The New Professional: Shredding Force Fields at the Speed of Light

Parker J. Palmer’s concept of the “new professional” describes those who fight for their true mission “in the midst of the powerful force-field of institutional life, where so much conspires to compromise the core values” of their work. I wholeheartedly embrace this definition, but it presupposes that I align with Palmer’s idea of my work’s core values. In what field do people all agree on ethical or other issues like whether or not to grow transgenic bananas or if too much homework backfires? Education is a tool that can be used to humanize or de-personalize depending on the environment’s and students’ agendas. Immigrants like my parents are good illustrations of how education can be used as a means to improve one’s life.

superhero-534120_1920Parker states that, “The institutions in which we work too often threaten our professional values.” In my previous career as a communications executive, I experienced a few difficult conversations with managers when I disagreed with a plan of action. On one occasion, the plan backfired as I had predicted so I was prepared to help mitigate the situation. After that, I became a more valued—and heard—part of the executive team.

Challenging our supervisors is difficult enough—the idea that professionals are moral superheroes who have to shred the war machines of evil institutions sounds exhausting. Yet, perhaps I have done this already as a marriage and family therapist (MFT). During my student training in both master’s and doctoral programs, I have had to set a limit on my client caseloads because I could not ethically take on new clients without it negatively impacting my other clients and myself. As a student intern, though, you are not entirely in charge of your caseload; faculty both direct and guide treatment through the supervision process. I have been fortunate to have compassionate, understanding supervisors who explored my limits with me and respected my boundaries.

In these cases, I felt able to take a stand. Many students do not feel empowered enough to say no to a faculty member, and some may not even realize that they can discuss alternatives to their situation. For example, to further ease my caseload, my supervisors had me explore which clients would benefit from coming every other week instead of weekly. How can we obtain help if we do not ask for it? At the same time, academia must promote an atmosphere safe for all to come forward and bring up issues of concern.

Many MFT programs now incorporate students’ “self-of-the-therapist,” the awareness and exploration of personal issues that may impact therapy positively or negatively. This work does not just affect clients, it often sparks the self-development and personal growth of therapists themselves. My field easily lends itself to the tenets of critical pedagogy: inspiring students to develop critical consciousness, exercise creativity, and explore their passions. MFT students must develop clinical judgment treating clients, sometimes handling crises such as a threat of suicide. In the three graduate MFT programs I have attended, experiential learning was a crucial aspect of our training from role-plays to internships working with actual clients as a student intern at a clinic. In the doctoral program at Virginia Tech, we are challenged to consider cases from different perspectives to flex our therapeutic muscles and focus on the common factors of effective treatment.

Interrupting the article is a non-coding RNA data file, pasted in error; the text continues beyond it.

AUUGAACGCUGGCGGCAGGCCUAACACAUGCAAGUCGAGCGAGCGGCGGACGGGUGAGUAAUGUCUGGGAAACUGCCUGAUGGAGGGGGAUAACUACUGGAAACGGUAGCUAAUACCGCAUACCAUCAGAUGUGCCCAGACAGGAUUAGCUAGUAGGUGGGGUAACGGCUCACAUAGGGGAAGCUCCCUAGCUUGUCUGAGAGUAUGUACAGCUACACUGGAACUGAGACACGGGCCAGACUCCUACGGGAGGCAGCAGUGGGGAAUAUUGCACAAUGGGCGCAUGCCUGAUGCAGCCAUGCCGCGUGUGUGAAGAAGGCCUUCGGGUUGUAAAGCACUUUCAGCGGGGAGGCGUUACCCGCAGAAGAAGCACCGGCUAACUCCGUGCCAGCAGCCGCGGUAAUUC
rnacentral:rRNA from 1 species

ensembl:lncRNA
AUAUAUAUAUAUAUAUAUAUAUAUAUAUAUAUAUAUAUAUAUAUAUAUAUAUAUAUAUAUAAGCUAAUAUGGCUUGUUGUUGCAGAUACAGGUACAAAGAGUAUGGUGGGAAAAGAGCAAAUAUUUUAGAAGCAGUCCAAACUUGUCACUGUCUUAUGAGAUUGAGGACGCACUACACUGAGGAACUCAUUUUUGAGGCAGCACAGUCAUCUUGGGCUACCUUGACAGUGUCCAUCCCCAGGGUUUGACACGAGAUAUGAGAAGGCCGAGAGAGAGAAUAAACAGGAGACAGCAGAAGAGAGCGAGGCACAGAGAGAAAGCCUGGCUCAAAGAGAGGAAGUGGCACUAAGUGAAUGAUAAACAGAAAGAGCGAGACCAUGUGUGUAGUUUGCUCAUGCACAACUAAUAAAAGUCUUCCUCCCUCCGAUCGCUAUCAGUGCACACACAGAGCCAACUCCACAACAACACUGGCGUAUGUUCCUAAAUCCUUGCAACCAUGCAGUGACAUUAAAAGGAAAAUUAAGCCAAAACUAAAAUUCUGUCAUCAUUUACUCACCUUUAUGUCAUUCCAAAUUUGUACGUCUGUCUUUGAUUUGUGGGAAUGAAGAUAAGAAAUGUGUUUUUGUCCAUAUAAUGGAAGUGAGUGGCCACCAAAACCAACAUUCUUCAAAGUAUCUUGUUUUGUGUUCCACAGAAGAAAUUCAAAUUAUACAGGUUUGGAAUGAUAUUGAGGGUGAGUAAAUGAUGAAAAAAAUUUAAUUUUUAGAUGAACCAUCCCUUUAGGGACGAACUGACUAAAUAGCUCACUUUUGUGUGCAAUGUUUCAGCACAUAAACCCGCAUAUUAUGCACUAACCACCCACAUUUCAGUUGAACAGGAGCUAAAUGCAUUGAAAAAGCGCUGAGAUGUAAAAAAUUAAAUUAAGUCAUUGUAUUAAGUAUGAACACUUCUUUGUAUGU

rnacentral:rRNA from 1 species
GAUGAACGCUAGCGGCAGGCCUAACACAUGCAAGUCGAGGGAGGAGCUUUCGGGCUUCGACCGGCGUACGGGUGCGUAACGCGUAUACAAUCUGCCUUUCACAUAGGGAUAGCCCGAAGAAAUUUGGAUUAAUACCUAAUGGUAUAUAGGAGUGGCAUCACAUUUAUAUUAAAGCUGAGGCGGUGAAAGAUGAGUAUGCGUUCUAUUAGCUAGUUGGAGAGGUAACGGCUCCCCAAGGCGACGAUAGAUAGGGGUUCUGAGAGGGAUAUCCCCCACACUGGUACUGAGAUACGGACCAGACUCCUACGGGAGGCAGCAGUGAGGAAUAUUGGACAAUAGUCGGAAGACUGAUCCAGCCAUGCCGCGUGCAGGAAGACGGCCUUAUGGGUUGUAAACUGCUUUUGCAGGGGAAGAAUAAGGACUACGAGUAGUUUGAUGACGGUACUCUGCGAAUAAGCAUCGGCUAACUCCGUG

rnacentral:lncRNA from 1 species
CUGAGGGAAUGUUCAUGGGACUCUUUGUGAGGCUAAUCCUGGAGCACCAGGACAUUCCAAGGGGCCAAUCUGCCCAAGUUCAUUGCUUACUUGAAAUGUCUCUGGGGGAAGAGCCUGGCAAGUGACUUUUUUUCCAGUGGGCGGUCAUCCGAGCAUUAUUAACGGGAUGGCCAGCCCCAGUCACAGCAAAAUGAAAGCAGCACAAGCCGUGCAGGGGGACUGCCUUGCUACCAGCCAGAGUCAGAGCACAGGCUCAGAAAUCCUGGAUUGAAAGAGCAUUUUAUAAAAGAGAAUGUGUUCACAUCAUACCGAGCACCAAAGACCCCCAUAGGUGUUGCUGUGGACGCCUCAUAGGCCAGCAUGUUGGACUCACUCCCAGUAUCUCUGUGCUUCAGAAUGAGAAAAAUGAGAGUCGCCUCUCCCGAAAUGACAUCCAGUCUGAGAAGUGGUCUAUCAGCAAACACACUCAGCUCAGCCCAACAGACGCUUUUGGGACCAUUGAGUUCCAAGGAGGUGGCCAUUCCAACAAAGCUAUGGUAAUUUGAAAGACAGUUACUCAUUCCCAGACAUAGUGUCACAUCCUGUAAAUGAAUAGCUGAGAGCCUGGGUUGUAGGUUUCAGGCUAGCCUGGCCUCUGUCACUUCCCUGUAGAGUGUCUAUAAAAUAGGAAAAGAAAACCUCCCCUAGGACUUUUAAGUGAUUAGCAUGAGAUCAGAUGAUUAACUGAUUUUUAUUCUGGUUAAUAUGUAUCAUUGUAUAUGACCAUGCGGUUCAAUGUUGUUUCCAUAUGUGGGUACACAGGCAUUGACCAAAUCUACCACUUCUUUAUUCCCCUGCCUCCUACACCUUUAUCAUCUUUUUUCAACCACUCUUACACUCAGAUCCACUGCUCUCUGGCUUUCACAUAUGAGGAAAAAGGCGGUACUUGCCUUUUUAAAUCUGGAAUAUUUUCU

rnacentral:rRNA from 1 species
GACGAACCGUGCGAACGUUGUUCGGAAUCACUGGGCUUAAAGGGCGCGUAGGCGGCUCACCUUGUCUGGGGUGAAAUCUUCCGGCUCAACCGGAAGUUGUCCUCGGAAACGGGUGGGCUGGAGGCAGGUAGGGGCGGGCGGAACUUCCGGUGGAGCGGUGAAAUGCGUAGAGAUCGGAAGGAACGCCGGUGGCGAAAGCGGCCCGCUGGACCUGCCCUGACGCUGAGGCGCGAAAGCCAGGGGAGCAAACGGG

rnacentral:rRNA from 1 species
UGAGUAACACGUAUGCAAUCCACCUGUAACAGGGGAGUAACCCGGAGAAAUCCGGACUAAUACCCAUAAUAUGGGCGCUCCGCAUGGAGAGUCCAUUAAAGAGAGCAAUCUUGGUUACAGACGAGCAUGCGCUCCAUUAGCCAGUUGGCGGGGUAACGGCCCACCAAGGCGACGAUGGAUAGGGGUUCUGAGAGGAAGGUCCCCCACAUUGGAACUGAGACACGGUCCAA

Surprisingly, not all MFT programs engage their students in experiential learning despite the push to outcome-based education. A research project on MFT learning experiences I helped to conduct at Virginia Tech last year revealed that application of theory to practice made students’ education more meaningful. The lack of such opportunities was marked also as students’ least meaningful learning experience. The goal of the survey, the results of which are in press at the Journal of Marital and Family Therapy, was to learn what inspires, motivates, and demoralizes MFT students. Thematic analysis helped us to explore the educational experiences of 68 graduates of accredited MFT programs, and we identified several themes in addition to praxis that we hope will serve to improve the quality of education in our field.

Mentorship was a key element of a meaningful learning experience, including having a supervisor who encouraged the student’s own growth without being too directive. Collaborative environments also fostered ideas for how to handle situations that arise in session. Other meaningful learning experiences related to the participants seeing their work pay off in observable client progress and developing the “self-of-the-therapist.” Not surprisingly, poor teaching was cited as a part of students’ least meaningful learning experiences such as when professors rambled, were uninspired, patronized students, and didn’t give them a voice in the classroom.

These results validate what is my true mission—to engage with people to help them improve their lives whether they are my students, clients, colleagues, or supervisees. Critical pedagogy has given me more a new way to talk about my values, and perhaps a collaboration of effort to shred those force fields holding back improving our world.


A World Without Color Becomes Black and White